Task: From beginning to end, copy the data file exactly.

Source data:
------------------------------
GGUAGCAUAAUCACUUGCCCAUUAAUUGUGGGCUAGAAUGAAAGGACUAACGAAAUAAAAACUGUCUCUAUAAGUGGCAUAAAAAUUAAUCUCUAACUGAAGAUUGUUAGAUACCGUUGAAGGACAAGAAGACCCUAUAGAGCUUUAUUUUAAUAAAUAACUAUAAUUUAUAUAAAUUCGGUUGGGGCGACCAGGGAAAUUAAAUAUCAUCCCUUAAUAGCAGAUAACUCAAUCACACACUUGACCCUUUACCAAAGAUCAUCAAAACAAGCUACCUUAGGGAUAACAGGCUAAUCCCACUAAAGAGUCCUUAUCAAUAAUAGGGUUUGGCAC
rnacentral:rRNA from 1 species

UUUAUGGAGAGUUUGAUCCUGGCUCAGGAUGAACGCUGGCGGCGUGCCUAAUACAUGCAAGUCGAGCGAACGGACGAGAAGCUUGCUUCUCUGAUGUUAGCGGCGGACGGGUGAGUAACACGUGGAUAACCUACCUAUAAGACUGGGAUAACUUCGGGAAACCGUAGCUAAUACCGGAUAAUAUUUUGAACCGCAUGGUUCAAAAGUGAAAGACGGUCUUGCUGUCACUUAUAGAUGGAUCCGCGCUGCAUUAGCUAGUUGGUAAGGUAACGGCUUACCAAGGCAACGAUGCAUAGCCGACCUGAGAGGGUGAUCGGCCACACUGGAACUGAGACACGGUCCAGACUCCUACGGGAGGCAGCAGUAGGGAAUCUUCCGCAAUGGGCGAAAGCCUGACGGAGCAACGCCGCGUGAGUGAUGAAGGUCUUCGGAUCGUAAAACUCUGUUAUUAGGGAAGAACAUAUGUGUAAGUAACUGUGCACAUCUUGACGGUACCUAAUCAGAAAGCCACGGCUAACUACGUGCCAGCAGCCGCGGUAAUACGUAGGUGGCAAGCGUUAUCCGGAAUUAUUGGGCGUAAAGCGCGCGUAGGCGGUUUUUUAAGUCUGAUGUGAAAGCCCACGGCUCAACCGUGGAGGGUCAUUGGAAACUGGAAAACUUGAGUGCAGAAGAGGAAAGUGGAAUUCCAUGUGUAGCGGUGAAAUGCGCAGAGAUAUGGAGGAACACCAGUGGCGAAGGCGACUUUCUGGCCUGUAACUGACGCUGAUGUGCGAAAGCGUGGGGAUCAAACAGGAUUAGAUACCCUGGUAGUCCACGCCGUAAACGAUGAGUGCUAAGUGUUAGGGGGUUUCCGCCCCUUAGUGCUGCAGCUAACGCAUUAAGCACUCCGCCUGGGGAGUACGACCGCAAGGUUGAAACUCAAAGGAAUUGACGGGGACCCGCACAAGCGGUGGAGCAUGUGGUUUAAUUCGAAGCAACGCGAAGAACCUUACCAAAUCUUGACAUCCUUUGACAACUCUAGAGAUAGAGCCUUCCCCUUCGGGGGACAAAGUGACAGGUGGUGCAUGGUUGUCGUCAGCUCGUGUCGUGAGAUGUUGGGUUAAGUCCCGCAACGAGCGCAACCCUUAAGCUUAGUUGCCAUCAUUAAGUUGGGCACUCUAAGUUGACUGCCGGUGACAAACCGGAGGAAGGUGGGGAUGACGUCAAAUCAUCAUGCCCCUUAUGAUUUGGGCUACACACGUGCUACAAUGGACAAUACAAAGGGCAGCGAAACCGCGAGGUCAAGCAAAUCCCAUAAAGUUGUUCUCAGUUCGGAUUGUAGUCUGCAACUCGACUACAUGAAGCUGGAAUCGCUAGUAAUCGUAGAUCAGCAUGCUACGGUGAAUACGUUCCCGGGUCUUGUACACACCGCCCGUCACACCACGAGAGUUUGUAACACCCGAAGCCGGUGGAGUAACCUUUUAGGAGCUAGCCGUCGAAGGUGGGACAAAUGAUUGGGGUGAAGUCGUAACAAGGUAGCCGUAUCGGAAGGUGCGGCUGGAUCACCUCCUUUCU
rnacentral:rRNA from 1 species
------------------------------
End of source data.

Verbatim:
GGUAGCAUAAUCACUUGCCCAUUAAUUGUGGGCUAGAAUGAAAGGACUAACGAAAUAAAAACUGUCUCUAUAAGUGGCAUAAAAAUUAAUCUCUAACUGAAGAUUGUUAGAUACCGUUGAAGGACAAGAAGACCCUAUAGAGCUUUAUUUUAAUAAAUAACUAUAAUUUAUAUAAAUUCGGUUGGGGCGACCAGGGAAAUUAAAUAUCAUCCCUUAAUAGCAGAUAACUCAAUCACACACUUGACCCUUUACCAAAGAUCAUCAAAACAAGCUACCUUAGGGAUAACAGGCUAAUCCCACUAAAGAGUCCUUAUCAAUAAUAGGGUUUGGCAC
rnacentral:rRNA from 1 species

UUUAUGGAGAGUUUGAUCCUGGCUCAGGAUGAACGCUGGCGGCGUGCCUAAUACAUGCAAGUCGAGCGAACGGACGAGAAGCUUGCUUCUCUGAUGUUAGCGGCGGACGGGUGAGUAACACGUGGAUAACCUACCUAUAAGACUGGGAUAACUUCGGGAAACCGUAGCUAAUACCGGAUAAUAUUUUGAACCGCAUGGUUCAAAAGUGAAAGACGGUCUUGCUGUCACUUAUAGAUGGAUCCGCGCUGCAUUAGCUAGUUGGUAAGGUAACGGCUUACCAAGGCAACGAUGCAUAGCCGACCUGAGAGGGUGAUCGGCCACACUGGAACUGAGACACGGUCCAGACUCCUACGGGAGGCAGCAGUAGGGAAUCUUCCGCAAUGGGCGAAAGCCUGACGGAGCAACGCCGCGUGAGUGAUGAAGGUCUUCGGAUCGUAAAACUCUGUUAUUAGGGAAGAACAUAUGUGUAAGUAACUGUGCACAUCUUGACGGUACCUAAUCAGAAAGCCACGGCUAACUACGUGCCAGCAGCCGCGGUAAUACGUAGGUGGCAAGCGUUAUCCGGAAUUAUUGGGCGUAAAGCGCGCGUAGGCGGUUUUUUAAGUCUGAUGUGAAAGCCCACGGCUCAACCGUGGAGGGUCAUUGGAAACUGGAAAACUUGAGUGCAGAAGAGGAAAGUGGAAUUCCAUGUGUAGCGGUGAAAUGCGCAGAGAUAUGGAGGAACACCAGUGGCGAAGGCGACUUUCUGGCCUGUAACUGACGCUGAUGUGCGAAAGCGUGGGGAUCAAACAGGAUUAGAUACCCUGGUAGUCCACGCCGUAAACGAUGAGUGCUAAGUGUUAGGGGGUUUCCGCCCCUUAGUGCUGCAGCUAACGCAUUAAGCACUCCGCCUGGGGAGUACGACCGCAAGGUUGAAACUCAAAGGAAUUGACGGGGACCCGCACAAGCGGUGGAGCAUGUGGUUUAAUUCGAAGCAACGCGAAGAACCUUACCAAAUCUUGACAUCCUUUGACAACUCUAGAGAUAGAGCCUUCCCCUUCGGGGGACAAAGUGACAGGUGGUGCAUGGUUGUCGUCAGCUCGUGUCGUGAGAUGUUGGGUUAAGUCCCGCAACGAGCGCAACCCUUAAGCUUAGUUGCCAUCAUUAAGUUGGGCACUCUAAGUUGACUGCCGGUGACAAACCGGAGGAAGGUGGGGAUGACGUCAAAUCAUCAUGCCCCUUAUGAUUUGGGCUACACACGUGCUACAAUGGACAAUACAAAGGGCAGCGAAACCGCGAGGUCAAGCAAAUCCCAUAAAGUUGUUCUCAGUUCGGAUUGUAGUCUGCAACUCGACUACAUGAAGCUGGAAUCGCUAGUAAUCGUAGAUCAGCAUGCUACGGUGAAUACGUUCCCGGGUCUUGUACACACCGCCCGUCACACCACGAGAGUUUGUAACACCCGAAGCCGGUGGAGUAACCUUUUAGGAGCUAGCCGUCGAAGGUGGGACAAAUGAUUGGGGUGAAGUCGUAACAAGGUAGCCGUAUCGGAAGGUGCGGCUGGAUCACCUCCUUUCU
rnacentral:rRNA from 1 species